(4): Four Arrows (Don Trent Jacobs). “Unlearning the Language of Conquest.” pp. 20, 236, 31, 275.

“The Lord Places People in This or That Country”

( – promoted by navajo)

Columbus’s first voyage in 1492 combined with his religious motivations for making it led Pope Alexander VI to issue a Papal Bull in 1493.

Pope Alexander VI ordered Ferdinand and Isabella to observe and to do the following:  that the primary purpose of all future voyages and ensuing discoveries of land and people was to Christianize and “overthrow” any Nations who resisted; that Columbus himself be used for the next voyage, since there was consensus among Columbus, Ferdinand, Isabella, and the Papacy with regards to spreading Christianity to the entire world; that the Indians might have been good converts; that all this was to be carried out “By the Authority of Almighty God;” that it applied to the entire world; that any possible Christian rulers were to not be overthrown; that Ferdinand and Isabella had power over such possible Christian rulers, while the Papacy had power over them and any possible Christian rulers; that overthrown Nations would have a Christian ruler put in place; that anyone who traded with anyone who overthrew a Christian ruler would be excommunicated; and that anyone who went against the Papal Bull would “Incur the wrath of Almighty God.”

Perhaps because in part because he didn’t want to” Incur the wrath of Almighty God,” and in addition to Columbus’s crimes against humanity, “he performed a ceremony to “take possession” of the land for the king and queen of Spain, acting under the international laws of Western Christendom.”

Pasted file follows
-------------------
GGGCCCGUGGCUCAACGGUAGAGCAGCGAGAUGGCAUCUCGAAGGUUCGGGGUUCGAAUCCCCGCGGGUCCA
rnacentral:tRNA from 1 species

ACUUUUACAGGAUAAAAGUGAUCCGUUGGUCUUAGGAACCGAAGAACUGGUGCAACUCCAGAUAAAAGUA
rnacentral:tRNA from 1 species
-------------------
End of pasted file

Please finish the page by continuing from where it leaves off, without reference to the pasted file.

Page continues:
Source

When Christopher Columbus first set foot on the white sands of Guanahani island, he performed a ceremony to “take possession” of the land for the king and queen of Spain, acting under the international laws of Western Christendom. Although the story of Columbus’ “discovery” has taken on mythological proportions in most of the Western world, few people are aware that his act of “possession” was based on a religious doctrine now known as the Doctrine of Discovery. Even fewer people realize that today –five centuries later– the United States government still uses this archaic Judeo-Christian doctrine to deny the rights of Native American Indians.

– snip –

In 1823, the Christian Doctrine of Discovery was quietly adopted into U.S. law by the Supreme Court in the celebrated case, JOHNSON v. McINTOSH (8 Wheat., 543). Writing for the unanimous court, Chief Justice John Marshall observed that Christian European nations had assumed “ultimate dominion” over the lands of America during the Age of Discovery, and that–upon “discovery”–the Indians had lost “their rights to complete sovereignty, as independent nations,” and only retained a right of “occupancy” in their lands. In other words, Indian nations were subject to the ultimate authority of the first nation of Christendom to claim possession of a given region of Indian lands. [Johnson: 574; Wheaton: 270-1]

What did Chief Justice MARSHALL say again?


While the different nations of Europe respected the right of the natives, as occupants, they asserted the ultimate dominion to be in themselves; and claimed and exercised, as a consequence of this ultimate dominion, a power to grant the soil, while yet in possession of the natives. These grants have been understood by all, to convey a title to the grantees, subject only to the Indian right of occupancy.

The history of America, from its discovery to the present day, proves, we think, the universal recognition of these principles.

Spain did not rest her title solely on the grant of the Pope. Her discussions respecting boundary, with France, with Great Britain, and with the United States, all show that she placed in on the rights given by discovery. Portugal sustained her claim to the Brazils by the same title.